Opposition leader Andrew Scheer is accusing the Liberal government of "imposing" the prime minister's views on faith groups that fear they will be denied funding for summer jobs due to their positions on abortion.
On Wednesday, Prime Minister Justin Trudeau told a town hall in Hamilton that groups are welcome to apply for the Canada Summer Jobs program, but if those groups infringe upon a woman's right to choose, "that's where … we draw the line as a country."
Scheer was asked about the policy Friday following his speech at an event hosted by the Mississauga Board of Trade, telling reporters his party has heard from concerned groups who are opposed to the application process. The revised application requires employers to attest that they uphold fundamental rights, including "women's rights and women's reproductive rights."
Under the program, MPs allocate federal funds to non-profit organizations and small businesses in their ridings. The change in the application process comes after a review last year that was prompted by revelations MPs approved tens of thousands of dollars in grants to anti-abortion groups in two ridings.
"I believe that the federal government should respect the freedoms that Canadians enjoy to have different beliefs and that by imposing personal values of Justin Trudeau on a wide variety of groups is not an appropriate way to go," Scheer said.
"They fear that they would not be able to provide those much needed services within their communities or provide young people with the experience. We've been talking with those groups and listening to their concerns," Scheer said.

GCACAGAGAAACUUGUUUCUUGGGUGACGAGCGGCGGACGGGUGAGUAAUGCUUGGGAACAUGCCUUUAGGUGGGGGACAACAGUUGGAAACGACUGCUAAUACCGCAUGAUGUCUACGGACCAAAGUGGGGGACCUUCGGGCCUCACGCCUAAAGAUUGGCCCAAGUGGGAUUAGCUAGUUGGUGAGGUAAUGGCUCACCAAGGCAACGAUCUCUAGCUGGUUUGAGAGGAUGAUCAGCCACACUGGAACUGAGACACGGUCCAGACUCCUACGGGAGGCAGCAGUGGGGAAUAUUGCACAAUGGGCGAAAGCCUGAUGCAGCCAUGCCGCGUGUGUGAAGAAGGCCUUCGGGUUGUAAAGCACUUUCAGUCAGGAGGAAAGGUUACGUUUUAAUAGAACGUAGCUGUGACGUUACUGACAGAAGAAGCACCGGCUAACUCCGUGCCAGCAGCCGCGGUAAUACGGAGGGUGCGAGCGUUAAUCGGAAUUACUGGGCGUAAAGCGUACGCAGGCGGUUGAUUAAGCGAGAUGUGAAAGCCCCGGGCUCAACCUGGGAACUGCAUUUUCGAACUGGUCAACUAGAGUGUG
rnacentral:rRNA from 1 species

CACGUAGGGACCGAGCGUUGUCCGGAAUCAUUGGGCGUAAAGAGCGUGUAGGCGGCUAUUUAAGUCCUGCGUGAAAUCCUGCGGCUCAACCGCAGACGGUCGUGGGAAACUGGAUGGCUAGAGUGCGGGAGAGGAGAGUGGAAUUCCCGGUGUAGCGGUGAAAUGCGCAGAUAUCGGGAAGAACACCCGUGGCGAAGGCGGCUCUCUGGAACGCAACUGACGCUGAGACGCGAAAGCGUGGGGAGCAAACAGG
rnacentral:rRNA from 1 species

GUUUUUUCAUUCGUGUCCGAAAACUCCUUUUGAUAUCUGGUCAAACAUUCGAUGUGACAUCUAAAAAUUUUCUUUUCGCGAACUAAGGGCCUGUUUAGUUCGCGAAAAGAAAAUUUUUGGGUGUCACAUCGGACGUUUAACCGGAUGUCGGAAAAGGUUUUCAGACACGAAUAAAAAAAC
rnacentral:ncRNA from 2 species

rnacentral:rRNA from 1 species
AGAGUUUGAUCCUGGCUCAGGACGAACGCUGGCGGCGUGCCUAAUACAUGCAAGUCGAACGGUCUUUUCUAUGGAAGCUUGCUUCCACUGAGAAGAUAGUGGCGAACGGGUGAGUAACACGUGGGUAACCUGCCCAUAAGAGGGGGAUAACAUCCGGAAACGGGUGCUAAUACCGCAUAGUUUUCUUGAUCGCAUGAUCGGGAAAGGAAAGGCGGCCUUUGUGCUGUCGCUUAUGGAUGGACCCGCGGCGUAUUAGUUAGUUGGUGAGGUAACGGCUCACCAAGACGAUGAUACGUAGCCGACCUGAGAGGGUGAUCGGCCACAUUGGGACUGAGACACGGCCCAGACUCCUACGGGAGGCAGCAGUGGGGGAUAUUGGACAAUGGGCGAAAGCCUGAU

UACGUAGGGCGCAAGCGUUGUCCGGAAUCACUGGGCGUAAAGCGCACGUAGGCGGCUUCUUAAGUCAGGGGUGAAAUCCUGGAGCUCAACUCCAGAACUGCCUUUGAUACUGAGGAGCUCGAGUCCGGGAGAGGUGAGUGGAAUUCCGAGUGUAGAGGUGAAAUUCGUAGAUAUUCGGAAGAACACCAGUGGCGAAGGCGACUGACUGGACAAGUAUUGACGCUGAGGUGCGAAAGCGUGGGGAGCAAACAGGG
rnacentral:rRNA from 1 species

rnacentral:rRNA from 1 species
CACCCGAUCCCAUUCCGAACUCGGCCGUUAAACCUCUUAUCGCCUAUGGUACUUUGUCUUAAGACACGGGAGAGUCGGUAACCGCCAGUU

"We have concerns with the way this Liberal government is treating people with different opinions on different issues."
Bible camp faces loss of $40K in funding
The Southern Alberta Bible Camp said it couldn't agree to the attestation and, as a result, now stands to lose approximately $40,000 for six summer counsellor positions.
"We don't believe that abortion is right and we're being told that in order to be able to access these [federal summer job] grants we need to affirm that," Jon Gartly, executive director of the SABC, told CBC News.
Another camp, Camp Evergreen in Sundre, Alta., said it is unsure how it will proceed. "The initial reaction is that it would be very difficult for us to sign that," said executive director Bob Kroeker. He said he isn't sure if he will apply without the affirmation or forego applying entirely.
'We think this is a fair process'
Employment minister Patty Hajdu defended the application process Friday at a cabinet retreat in London, Ont., affirming groups are encouraged to apply for funding but must not "discriminate" against fundamental rights.
"We think this is a fair process," the minister said.
"I'm saying our ministry believes in the Charter of Rights and Freedoms and these are fundamental expectations of Canadians, and we stand up for those rights — and that we ensure that the money that we disperse on behalf of Canadians is not used in a way that violates those hard-won rights."
The deadline for applying for 2018's Canada Summer Jobs program is Feb. 2.